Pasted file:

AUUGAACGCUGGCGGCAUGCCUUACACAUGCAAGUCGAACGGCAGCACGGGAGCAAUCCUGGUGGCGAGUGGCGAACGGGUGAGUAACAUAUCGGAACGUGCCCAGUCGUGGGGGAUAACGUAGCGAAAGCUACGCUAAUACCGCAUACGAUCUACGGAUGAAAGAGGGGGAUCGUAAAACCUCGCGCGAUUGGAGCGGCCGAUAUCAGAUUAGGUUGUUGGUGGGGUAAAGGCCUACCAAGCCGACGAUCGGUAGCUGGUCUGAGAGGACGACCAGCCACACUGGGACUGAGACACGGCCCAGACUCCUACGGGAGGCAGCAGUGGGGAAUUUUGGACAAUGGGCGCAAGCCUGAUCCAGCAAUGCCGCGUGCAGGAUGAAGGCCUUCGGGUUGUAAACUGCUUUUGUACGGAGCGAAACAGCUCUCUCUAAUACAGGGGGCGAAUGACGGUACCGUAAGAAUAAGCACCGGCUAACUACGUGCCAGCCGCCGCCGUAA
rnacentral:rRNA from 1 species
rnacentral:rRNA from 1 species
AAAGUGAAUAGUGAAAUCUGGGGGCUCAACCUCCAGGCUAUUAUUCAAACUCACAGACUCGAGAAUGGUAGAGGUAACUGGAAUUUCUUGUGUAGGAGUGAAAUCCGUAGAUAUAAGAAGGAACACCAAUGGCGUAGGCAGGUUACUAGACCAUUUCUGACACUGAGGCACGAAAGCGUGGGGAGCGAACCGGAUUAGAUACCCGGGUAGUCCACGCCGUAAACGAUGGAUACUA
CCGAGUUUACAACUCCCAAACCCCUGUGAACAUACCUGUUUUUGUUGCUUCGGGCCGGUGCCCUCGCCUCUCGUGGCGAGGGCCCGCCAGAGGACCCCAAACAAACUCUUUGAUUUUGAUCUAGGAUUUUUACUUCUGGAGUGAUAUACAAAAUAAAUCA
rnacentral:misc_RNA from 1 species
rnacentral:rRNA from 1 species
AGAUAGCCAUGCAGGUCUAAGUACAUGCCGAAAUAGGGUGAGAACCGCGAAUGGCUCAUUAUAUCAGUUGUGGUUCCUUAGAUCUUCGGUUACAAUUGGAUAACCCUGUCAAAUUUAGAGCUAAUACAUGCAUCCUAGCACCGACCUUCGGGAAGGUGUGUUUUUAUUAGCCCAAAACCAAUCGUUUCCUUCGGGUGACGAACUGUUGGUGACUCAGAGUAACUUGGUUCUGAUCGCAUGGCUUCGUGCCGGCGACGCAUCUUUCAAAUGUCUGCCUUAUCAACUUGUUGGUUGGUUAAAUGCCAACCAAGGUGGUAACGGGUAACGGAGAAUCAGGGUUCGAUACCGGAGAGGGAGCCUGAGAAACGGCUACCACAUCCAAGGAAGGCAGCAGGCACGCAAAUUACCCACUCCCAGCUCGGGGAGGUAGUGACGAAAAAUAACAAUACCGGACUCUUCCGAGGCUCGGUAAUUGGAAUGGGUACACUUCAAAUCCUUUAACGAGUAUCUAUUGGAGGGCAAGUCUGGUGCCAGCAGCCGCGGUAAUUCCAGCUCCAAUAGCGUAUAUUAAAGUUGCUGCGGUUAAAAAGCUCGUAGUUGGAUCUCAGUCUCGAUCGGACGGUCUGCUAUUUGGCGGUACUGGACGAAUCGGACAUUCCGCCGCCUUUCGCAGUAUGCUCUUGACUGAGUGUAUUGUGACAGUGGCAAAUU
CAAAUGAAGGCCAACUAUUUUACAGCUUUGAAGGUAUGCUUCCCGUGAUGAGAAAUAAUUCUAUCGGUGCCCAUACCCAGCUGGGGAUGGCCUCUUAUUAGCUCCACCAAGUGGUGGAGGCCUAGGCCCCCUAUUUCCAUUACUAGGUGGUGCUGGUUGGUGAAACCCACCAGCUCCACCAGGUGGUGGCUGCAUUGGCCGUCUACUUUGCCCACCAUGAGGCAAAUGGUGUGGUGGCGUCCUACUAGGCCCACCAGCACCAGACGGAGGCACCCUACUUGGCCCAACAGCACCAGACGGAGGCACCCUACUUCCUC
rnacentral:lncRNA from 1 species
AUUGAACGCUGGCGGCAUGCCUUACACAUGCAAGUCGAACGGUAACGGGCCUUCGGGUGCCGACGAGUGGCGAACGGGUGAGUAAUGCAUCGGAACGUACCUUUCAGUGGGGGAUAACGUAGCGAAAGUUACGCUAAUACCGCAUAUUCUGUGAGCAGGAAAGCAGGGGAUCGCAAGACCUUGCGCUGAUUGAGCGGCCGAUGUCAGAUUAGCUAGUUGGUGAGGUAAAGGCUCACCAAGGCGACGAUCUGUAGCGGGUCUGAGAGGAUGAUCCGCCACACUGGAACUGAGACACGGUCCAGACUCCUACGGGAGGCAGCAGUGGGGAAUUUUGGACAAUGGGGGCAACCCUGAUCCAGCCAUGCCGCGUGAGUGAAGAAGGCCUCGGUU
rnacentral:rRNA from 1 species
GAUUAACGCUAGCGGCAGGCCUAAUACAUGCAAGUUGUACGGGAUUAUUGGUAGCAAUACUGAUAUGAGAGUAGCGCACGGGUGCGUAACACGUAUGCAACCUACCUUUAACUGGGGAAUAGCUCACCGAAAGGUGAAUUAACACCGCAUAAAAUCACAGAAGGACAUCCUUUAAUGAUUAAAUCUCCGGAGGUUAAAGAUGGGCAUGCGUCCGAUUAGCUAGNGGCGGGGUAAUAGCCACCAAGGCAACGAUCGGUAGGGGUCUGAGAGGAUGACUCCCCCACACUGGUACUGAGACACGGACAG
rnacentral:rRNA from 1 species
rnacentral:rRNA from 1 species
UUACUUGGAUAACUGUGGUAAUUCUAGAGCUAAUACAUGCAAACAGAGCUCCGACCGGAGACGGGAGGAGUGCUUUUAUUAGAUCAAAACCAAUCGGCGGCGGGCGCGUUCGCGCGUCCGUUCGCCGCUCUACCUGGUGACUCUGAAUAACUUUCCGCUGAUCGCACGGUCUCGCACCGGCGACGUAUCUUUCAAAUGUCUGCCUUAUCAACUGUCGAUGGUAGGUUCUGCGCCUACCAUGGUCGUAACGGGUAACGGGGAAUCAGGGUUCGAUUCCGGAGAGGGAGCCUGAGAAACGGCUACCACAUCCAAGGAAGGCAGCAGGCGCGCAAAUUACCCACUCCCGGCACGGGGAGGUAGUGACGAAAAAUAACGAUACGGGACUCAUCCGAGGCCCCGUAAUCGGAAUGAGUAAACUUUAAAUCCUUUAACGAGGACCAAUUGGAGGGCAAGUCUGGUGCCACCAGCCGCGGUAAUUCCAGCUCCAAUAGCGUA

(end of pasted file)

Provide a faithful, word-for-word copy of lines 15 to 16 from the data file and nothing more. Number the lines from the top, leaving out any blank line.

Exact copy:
rnacentral:rRNA from 1 species
UUACUUGGAUAACUGUGGUAAUUCUAGAGCUAAUACAUGCAAACAGAGCUCCGACCGGAGACGGGAGGAGUGCUUUUAUUAGAUCAAAACCAAUCGGCGGCGGGCGCGUUCGCGCGUCCGUUCGCCGCUCUACCUGGUGACUCUGAAUAACUUUCCGCUGAUCGCACGGUCUCGCACCGGCGACGUAUCUUUCAAAUGUCUGCCUUAUCAACUGUCGAUGGUAGGUUCUGCGCCUACCAUGGUCGUAACGGGUAACGGGGAAUCAGGGUUCGAUUCCGGAGAGGGAGCCUGAGAAACGGCUACCACAUCCAAGGAAGGCAGCAGGCGCGCAAAUUACCCACUCCCGGCACGGGGAGGUAGUGACGAAAAAUAACGAUACGGGACUCAUCCGAGGCCCCGUAAUCGGAAUGAGUAAACUUUAAAUCCUUUAACGAGGACCAAUUGGAGGGCAAGUCUGGUGCCACCAGCCGCGGUAAUUCCAGCUCCAAUAGCGUA